Woof Wednesday With Angela Adams – What Lies Beneath: Behind The Behaviour

Dachshund acting as a bookend

Reading is a good thing.

First of all I’d like to thank Kevin for inviting me to write a guest blog, and for being such a nice guy to collaborate with. So thank you Kevin.

Kevin and I decided that a good topic for a post is what really drives behaviour in dogs, and this is also a discussion I find myself having on a daily basis during the course of my work as a trainer and canine behaviour counsellor. Unfortunately all too often new clients hold the default assumption that dogs behave badly because they are dominant and seeking to attain alpha status.

Contrary to popular belief there is nothing sinister going on.  So let’s take a look at what dominance is, why it is detrimental to apply it to dog behaviour, and what really is behind the behaviour of our canine companions.

Dominance defined: In ethology (the study of animal behaviour), dominance is defined as a relationship between individuals belonging to the same species (conspecifics), that is established in order to prioritise access to scarce resources, for example food, the opposite sex. Such a relationship cannot exist until one animal consistently defers to another.

Modern qualified behaviourists and trainers take issue with applying the dominance model to the dog for many reasons a few being:

  • Dominance theory originated from early studies of unrelated captive wolves. These studies were inaccurate and misleading because the wolves were unrelated and not in their natural environment. Studies of related wild wolves in their natural environment show a family group consisting of parents and their offspring, where the relationships are based on cooperation, with the parents guiding and teaching their young.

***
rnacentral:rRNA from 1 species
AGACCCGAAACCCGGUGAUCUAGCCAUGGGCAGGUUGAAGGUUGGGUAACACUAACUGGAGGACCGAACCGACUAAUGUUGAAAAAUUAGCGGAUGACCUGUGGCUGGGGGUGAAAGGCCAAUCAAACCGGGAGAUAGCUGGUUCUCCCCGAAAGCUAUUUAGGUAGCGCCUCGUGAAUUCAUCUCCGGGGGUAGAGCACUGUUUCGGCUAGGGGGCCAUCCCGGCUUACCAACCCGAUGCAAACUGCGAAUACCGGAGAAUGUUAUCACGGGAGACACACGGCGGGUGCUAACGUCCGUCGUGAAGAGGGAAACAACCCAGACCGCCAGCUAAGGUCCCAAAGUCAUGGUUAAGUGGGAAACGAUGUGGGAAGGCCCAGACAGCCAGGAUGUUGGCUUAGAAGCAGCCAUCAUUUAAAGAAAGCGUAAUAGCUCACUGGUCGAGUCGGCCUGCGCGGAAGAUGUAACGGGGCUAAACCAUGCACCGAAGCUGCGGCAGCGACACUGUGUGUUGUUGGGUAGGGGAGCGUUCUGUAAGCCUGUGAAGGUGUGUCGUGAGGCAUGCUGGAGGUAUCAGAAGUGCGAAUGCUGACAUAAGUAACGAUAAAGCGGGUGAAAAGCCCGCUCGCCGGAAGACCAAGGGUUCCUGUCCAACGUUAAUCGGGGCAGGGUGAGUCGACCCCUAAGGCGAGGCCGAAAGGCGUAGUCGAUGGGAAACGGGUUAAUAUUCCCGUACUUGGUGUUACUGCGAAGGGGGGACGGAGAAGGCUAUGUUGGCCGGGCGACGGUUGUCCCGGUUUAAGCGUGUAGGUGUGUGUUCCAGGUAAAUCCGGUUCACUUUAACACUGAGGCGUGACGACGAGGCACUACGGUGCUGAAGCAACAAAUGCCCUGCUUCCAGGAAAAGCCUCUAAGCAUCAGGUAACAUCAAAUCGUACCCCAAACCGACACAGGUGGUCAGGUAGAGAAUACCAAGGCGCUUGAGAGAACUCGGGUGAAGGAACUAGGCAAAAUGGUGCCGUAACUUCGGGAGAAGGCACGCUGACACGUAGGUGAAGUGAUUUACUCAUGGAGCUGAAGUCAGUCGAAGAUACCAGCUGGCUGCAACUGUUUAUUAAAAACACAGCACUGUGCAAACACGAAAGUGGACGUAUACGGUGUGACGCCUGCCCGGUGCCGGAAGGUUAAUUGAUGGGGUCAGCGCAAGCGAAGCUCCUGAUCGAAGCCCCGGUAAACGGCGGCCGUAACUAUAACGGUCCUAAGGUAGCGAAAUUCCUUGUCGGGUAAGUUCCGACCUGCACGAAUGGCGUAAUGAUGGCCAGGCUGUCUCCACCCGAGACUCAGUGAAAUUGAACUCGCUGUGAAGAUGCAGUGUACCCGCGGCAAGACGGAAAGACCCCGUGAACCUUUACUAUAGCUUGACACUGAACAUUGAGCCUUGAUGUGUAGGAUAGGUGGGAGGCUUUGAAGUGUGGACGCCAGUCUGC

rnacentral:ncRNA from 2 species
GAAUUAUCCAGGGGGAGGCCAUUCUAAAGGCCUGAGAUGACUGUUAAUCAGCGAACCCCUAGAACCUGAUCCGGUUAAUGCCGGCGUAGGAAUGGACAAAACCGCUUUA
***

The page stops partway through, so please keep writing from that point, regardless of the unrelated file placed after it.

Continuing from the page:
• The dog is not a wolf; it is related to the wolf in the same way that humans are related to the chimp. Although dogs maintain some behavioural qualities of wolves and other canids, thousands of years of domestication, selective breeding, and coevolution with humans has greatly altered and shaped their behaviour.
  • For the past 14,000 years feral dogs have evolved as scavengers, and although sociable their existence has been semi-solitary. Where relationships are formed the associations are loose, unstructured, and changeable; members frequently come and go, a quality not seen in wolf packs. A certain degree of cooperation confers mutual benefit with fellow canines allowing for access to communal resources and shared mates. These transient relationships are based on cooperation not dominance, and the evanescent nature of these groups requires no leader or alpha. Furthermore any aggression would likely result in the perpetrator being ostracised from the group.

The dangers of the dominance model: This concept is erroneously used and sadly leads to the application of aversive tools and techniques, with the sole purpose of intimidating a dog to submit with the objective of stopping unwanted behaviours. The application of aversive techniques in training gives rise to a very serious issue of safety, for both the dog and the owner. Such techniques can push a dog into self preservation mode, “fight” or “flight” because it feels threatened or unsafe. Just as importantly such methods can potentially harm a dog’s physical and emotional/psychological well being, through pain, anxiety, frustration, fear, and high levels of stress. The fallout can result in a dog that is withdrawn, subdued, or shutdown (notcalm submissive”); because it has given up, as nothing it does works for the better. Or the result is displays of aggression because of frustration, fear, or anxiety, in this way aggression functions as a tool to create distance, make the bad thing go away or stop. However if this also fails, if we keep pushing a dog’s self preservation button, or the dog’s temperament is such that it is not able to cope with sustained frustration, anxiety, and high levels of stress, then all that is left is active aggression; a bite.